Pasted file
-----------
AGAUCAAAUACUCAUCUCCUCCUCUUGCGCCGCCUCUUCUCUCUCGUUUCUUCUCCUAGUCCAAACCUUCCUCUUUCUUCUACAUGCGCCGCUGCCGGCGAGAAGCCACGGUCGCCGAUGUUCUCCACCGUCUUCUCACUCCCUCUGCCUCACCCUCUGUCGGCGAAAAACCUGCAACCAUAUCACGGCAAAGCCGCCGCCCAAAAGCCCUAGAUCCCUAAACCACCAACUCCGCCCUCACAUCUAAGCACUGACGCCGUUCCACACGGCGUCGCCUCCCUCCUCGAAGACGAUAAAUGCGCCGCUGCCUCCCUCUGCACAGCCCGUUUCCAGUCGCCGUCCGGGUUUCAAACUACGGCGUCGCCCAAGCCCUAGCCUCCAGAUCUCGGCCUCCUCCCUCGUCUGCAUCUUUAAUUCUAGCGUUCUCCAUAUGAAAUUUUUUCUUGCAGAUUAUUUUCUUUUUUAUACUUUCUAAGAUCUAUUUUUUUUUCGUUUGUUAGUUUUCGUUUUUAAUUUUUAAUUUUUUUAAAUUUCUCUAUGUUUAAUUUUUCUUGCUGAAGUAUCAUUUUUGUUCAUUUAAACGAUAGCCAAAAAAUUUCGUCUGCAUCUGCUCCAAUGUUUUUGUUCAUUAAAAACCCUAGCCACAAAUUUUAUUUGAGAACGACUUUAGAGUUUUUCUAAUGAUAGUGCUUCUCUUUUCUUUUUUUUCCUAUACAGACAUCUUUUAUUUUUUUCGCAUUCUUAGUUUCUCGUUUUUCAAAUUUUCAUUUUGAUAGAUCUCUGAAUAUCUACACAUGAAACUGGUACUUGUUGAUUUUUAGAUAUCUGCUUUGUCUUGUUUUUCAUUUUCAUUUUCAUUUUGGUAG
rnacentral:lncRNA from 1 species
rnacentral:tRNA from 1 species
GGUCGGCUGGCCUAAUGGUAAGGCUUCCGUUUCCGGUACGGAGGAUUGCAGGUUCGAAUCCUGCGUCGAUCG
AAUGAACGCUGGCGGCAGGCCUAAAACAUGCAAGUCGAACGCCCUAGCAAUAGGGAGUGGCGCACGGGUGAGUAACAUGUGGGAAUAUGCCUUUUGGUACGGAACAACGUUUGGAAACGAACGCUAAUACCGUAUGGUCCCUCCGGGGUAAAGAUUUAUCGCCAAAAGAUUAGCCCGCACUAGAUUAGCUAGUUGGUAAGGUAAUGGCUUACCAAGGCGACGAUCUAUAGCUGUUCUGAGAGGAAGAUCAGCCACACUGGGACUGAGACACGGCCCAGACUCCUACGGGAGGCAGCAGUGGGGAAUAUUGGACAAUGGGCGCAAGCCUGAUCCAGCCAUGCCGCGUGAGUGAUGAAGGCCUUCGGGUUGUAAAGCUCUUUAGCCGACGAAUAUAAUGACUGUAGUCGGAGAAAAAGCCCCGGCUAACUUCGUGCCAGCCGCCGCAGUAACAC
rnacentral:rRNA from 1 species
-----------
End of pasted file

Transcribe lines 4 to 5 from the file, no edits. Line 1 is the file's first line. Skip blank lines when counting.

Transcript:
GGUCGGCUGGCCUAAUGGUAAGGCUUCCGUUUCCGGUACGGAGGAUUGCAGGUUCGAAUCCUGCGUCGAUCG
AAUGAACGCUGGCGGCAGGCCUAAAACAUGCAAGUCGAACGCCCUAGCAAUAGGGAGUGGCGCACGGGUGAGUAACAUGUGGGAAUAUGCCUUUUGGUACGGAACAACGUUUGGAAACGAACGCUAAUACCGUAUGGUCCCUCCGGGGUAAAGAUUUAUCGCCAAAAGAUUAGCCCGCACUAGAUUAGCUAGUUGGUAAGGUAAUGGCUUACCAAGGCGACGAUCUAUAGCUGUUCUGAGAGGAAGAUCAGCCACACUGGGACUGAGACACGGCCCAGACUCCUACGGGAGGCAGCAGUGGGGAAUAUUGGACAAUGGGCGCAAGCCUGAUCCAGCCAUGCCGCGUGAGUGAUGAAGGCCUUCGGGUUGUAAAGCUCUUUAGCCGACGAAUAUAAUGACUGUAGUCGGAGAAAAAGCCCCGGCUAACUUCGUGCCAGCCGCCGCAGUAACAC